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    Eye Tests and Exams

    Refraction

    This eye test determines your eyeglasses prescription. During the test, you look at a chart, usually 20 feet away, or in a mirror that simulates 20 feet of distance, and try to read it while looking through a special instrument known as a phoropter. The doctor moves lenses of different strengths into place for the patient to look through. The doctor will ask you which of the choices looks clearer or more blurry, and based on these answers will determine the appropriate prescription for glasses or contacts. This eye test will also identify presbyopia, hyperopia, myopia, and astigmatism.

    Slit-Lamp Exam

    This test looks at the eye with a microscope shining an adjustable beam of light shaped like a small slit on the eye. The doctor may also dilate your pupils while you are undergoing this exam. The eye test can be used to help diagnose cataracts, glaucoma, retinal detachment, macular degeneration, injuries to the cornea, and dry eye disease.

    Non-Contact Tonometry

    This eye test is used to help diagnose glaucoma. An instrument known as a tonometer measures the pressure in the eye. The "air puff" tonometer measures the eye pressure indirectly by the eye's resistance to a puff of air.

    Applanation instruments can also be used to measure pressure. They are the most accurate, but they require local anesthetic.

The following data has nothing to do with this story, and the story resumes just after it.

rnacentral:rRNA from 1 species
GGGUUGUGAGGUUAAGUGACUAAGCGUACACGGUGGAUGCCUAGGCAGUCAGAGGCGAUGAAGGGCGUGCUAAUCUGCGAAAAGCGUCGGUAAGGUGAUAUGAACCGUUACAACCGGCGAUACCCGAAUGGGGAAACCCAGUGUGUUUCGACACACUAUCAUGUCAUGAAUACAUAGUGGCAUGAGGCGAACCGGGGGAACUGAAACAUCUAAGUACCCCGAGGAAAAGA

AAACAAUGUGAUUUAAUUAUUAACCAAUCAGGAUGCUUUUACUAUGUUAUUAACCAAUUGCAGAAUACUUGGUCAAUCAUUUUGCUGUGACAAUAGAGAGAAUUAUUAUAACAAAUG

Ultrasound

    An ultrasound eye test uses sound waves to provide a picture of the eye's internal structure. It is useful in evaluating ocular tumors, as well as the retina when it is being obscured by cataracts or a hemorrhage. Measuring the length of the eye by ultrasound or other means is part of preoperative evaluation for cataract surgery and determination of the optimal cataract implant power.

    Visual Acuity Testing

    This is a test of visual acuity, your ability to see sharply and clearly at near and far distances. For children who cannot yet read, there is the Random E's Visual Acuity Test. The child is asked to identify the direction that the letter "E" opens to by holding out three or four fingers to mimic the letter. You can practice this at home with your child before the test. This eye test is safe, there are no risks involved, and it works just as well as most other eye tests.

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